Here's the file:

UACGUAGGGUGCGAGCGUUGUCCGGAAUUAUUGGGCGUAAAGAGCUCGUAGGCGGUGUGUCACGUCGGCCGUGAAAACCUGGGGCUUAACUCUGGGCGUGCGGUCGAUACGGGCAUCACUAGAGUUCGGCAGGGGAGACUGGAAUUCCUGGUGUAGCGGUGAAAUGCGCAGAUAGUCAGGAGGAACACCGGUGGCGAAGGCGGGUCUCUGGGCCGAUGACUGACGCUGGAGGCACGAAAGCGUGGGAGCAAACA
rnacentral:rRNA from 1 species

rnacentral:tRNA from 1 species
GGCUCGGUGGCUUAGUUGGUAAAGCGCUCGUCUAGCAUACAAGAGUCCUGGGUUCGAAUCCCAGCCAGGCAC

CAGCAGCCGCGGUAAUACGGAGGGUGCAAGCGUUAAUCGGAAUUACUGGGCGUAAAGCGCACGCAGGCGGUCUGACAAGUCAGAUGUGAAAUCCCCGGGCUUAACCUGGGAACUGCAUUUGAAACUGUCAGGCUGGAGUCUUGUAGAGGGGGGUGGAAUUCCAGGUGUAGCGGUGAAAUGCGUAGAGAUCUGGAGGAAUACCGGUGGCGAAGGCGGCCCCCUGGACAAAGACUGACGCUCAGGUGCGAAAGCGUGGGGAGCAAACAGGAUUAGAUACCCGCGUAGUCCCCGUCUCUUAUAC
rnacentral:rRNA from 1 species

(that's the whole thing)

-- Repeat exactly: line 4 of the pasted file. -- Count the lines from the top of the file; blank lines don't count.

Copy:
GGCUCGGUGGCUUAGUUGGUAAAGCGCUCGUCUAGCAUACAAGAGUCCUGGGUUCGAAUCCCAGCCAGGCAC